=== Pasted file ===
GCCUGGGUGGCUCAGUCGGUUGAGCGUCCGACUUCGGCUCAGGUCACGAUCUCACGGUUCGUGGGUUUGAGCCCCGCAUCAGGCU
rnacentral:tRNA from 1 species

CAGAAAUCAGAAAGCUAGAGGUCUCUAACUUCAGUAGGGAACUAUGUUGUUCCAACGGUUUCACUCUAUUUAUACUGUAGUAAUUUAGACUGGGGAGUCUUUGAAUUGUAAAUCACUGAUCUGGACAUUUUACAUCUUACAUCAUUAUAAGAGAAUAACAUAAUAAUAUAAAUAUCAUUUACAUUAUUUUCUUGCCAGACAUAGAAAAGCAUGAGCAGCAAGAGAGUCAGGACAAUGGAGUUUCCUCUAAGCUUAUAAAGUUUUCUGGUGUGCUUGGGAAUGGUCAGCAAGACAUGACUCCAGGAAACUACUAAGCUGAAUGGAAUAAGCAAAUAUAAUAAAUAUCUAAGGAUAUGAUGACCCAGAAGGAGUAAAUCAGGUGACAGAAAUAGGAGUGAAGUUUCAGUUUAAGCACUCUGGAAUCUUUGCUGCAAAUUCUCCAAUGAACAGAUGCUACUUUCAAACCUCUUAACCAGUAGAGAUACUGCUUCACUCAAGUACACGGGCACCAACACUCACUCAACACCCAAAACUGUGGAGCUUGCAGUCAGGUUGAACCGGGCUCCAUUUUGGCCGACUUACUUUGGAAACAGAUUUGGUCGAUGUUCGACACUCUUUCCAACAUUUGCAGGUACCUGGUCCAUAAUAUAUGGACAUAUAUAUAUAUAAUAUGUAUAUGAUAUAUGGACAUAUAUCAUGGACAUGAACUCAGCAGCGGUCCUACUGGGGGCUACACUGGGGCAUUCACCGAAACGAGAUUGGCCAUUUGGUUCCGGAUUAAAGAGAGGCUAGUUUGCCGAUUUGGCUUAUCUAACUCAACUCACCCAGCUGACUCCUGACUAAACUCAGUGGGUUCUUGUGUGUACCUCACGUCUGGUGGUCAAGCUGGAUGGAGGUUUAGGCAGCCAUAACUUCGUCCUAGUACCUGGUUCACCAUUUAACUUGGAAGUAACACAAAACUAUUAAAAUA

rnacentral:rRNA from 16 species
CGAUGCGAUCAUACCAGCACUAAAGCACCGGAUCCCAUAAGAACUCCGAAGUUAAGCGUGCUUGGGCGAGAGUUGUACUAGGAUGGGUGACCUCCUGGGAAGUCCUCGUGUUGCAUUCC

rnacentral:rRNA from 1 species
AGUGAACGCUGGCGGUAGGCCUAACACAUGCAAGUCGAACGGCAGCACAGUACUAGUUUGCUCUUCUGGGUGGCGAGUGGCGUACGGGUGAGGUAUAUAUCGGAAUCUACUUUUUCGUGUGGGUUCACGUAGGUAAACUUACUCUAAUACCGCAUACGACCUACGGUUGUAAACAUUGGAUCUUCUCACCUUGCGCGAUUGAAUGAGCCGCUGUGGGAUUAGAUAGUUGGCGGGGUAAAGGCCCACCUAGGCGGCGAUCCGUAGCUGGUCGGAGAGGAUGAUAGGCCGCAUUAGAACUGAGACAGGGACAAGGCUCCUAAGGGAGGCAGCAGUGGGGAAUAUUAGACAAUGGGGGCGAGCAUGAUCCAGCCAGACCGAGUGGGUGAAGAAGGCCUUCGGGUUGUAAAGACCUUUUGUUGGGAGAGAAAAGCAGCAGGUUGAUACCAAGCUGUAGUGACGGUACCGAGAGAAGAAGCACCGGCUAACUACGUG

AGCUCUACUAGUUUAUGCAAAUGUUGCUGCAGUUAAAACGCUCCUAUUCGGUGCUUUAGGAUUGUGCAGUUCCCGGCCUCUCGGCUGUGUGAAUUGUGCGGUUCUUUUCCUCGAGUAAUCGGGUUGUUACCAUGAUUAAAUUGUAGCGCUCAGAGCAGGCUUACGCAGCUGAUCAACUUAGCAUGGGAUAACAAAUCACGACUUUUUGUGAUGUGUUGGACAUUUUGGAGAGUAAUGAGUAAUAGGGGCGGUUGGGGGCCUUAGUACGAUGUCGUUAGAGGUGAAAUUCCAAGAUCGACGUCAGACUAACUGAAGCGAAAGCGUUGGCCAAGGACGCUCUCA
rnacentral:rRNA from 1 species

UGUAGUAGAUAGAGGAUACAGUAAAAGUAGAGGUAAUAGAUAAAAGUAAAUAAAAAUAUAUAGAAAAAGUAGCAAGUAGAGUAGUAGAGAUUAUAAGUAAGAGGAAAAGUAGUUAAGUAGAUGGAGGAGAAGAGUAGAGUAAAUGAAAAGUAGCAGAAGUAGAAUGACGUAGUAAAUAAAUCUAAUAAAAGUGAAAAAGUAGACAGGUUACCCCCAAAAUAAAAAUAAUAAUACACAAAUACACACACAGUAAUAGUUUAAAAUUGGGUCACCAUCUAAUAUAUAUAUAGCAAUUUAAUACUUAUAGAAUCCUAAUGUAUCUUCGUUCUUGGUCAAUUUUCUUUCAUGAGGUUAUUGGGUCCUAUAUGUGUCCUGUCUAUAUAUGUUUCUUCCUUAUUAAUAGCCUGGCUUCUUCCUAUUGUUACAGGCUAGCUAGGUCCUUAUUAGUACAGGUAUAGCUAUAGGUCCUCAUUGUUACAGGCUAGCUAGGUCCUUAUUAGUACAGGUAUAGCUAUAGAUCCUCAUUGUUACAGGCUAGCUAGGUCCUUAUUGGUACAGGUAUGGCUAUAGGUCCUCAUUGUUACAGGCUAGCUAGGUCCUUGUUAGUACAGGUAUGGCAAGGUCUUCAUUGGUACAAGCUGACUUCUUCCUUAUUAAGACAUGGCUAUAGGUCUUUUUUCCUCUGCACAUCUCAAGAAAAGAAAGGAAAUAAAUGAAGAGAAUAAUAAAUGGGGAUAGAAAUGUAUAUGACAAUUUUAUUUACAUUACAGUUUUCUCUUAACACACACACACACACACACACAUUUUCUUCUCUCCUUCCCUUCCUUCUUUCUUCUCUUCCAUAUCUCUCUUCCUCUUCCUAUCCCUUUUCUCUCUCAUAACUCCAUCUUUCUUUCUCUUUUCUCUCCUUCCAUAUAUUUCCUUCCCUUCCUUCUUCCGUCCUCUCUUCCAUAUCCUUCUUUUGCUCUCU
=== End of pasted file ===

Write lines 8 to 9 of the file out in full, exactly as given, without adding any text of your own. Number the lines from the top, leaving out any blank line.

AGCUCUACUAGUUUAUGCAAAUGUUGCUGCAGUUAAAACGCUCCUAUUCGGUGCUUUAGGAUUGUGCAGUUCCCGGCCUCUCGGCUGUGUGAAUUGUGCGGUUCUUUUCCUCGAGUAAUCGGGUUGUUACCAUGAUUAAAUUGUAGCGCUCAGAGCAGGCUUACGCAGCUGAUCAACUUAGCAUGGGAUAACAAAUCACGACUUUUUGUGAUGUGUUGGACAUUUUGGAGAGUAAUGAGUAAUAGGGGCGGUUGGGGGCCUUAGUACGAUGUCGUUAGAGGUGAAAUUCCAAGAUCGACGUCAGACUAACUGAAGCGAAAGCGUUGGCCAAGGACGCUCUCA
rnacentral:rRNA from 1 species